A full cardiac work up consists of a battery of medical tests used to help physicians diagnose patients who are suspected of having potential heart complications. According to Cardiology Consultants of Philadelphia, a cardiac work up involves a background interview and a physical.
HeartSite.com explains that the background interview is used to gather illness history and learn the symptoms and complaints that brought the patient into the medical office. Once the interview is complete, the physician performs cardiac tests, including an electrocardiogram, a chest X-ray and a round of blood tests. This informs the physician to make a differential diagnosis. Based on the differential diagnosis, the physician runs other tests to confirm the heart problem.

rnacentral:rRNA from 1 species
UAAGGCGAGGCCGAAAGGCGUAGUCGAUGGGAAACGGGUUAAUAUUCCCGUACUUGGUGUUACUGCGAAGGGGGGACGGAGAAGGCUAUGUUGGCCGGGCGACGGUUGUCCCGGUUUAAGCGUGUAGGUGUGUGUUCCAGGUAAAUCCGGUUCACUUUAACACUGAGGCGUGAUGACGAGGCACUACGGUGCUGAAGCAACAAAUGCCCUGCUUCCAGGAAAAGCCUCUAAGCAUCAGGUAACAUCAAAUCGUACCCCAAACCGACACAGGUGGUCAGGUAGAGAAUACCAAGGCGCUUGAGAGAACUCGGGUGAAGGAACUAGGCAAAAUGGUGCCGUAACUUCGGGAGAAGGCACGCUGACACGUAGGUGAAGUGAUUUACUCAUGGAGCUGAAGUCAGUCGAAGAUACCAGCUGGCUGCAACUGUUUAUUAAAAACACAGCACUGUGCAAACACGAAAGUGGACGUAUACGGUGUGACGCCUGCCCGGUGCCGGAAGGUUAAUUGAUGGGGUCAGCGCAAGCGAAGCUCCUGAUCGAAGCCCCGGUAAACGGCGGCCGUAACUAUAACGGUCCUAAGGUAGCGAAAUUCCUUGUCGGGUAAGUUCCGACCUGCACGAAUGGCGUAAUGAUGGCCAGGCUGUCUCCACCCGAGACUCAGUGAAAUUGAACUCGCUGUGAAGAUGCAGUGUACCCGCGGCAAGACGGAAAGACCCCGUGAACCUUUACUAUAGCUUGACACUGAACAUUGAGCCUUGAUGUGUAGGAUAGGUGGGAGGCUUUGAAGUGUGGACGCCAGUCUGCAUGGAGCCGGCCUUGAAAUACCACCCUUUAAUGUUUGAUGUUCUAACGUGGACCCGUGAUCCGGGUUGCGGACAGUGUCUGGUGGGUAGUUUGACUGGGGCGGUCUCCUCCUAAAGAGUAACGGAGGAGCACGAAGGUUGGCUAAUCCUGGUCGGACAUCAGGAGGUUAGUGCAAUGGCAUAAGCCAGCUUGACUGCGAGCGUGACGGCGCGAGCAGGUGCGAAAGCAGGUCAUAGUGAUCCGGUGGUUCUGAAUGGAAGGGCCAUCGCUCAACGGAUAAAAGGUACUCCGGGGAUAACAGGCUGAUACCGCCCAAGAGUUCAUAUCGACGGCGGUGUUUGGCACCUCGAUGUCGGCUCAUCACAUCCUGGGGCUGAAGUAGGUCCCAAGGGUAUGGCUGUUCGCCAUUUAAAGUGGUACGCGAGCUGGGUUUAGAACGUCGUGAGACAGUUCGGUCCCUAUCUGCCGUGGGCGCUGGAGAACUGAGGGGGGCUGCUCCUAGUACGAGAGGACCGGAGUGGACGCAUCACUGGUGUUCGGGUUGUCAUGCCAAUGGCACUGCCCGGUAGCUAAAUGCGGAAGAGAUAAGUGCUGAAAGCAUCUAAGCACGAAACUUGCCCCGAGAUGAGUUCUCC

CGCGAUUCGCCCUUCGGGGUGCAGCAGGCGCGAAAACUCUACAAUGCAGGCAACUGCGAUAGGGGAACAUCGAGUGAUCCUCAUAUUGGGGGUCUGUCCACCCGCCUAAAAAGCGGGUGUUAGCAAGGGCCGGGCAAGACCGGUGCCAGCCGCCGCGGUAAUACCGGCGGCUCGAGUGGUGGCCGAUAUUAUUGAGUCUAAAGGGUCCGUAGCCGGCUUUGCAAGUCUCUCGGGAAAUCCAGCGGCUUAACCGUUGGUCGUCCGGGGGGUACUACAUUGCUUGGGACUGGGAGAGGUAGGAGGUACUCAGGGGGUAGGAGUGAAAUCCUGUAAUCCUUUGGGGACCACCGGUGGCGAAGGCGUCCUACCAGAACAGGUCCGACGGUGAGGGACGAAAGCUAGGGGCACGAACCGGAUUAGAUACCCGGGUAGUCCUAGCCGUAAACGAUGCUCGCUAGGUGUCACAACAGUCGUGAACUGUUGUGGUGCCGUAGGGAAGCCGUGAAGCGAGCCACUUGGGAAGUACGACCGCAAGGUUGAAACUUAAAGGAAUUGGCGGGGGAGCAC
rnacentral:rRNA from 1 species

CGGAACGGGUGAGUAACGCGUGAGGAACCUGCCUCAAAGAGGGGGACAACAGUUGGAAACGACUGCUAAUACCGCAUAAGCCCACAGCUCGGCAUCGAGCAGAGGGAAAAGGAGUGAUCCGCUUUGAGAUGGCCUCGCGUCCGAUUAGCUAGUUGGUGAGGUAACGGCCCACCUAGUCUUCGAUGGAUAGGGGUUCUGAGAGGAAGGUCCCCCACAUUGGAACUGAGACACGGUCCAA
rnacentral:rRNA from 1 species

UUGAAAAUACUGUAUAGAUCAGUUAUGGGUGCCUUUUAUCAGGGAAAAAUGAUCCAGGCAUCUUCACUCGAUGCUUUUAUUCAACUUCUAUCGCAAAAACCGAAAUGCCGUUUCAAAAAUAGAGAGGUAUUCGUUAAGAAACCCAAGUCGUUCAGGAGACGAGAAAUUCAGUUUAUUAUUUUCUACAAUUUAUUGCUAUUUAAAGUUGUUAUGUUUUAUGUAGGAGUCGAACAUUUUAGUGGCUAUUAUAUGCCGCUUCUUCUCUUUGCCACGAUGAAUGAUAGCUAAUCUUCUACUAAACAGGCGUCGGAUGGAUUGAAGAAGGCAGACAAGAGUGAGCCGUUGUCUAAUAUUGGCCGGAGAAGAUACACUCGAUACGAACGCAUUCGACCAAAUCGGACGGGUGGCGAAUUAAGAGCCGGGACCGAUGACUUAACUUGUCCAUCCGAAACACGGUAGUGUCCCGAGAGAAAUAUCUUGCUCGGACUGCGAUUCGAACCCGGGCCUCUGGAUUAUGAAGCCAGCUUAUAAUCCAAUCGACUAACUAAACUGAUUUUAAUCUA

Cardiology Consultants of Philadelphia explains that several tests may be performed during the second part of the cardiac work up. Patients may undergo a stress test that involves the patient exercising on a treadmill. The stress test allows the doctor to monitor the patient's heart rhythm, which can help the doctor discover potential heart problems. Some physicians use a tilted table test to observe the patient's heart rate and blood pressure. Moreover, a patient may undergo an echocardiogram or a transesophageal echo to determine the underlying heart condition.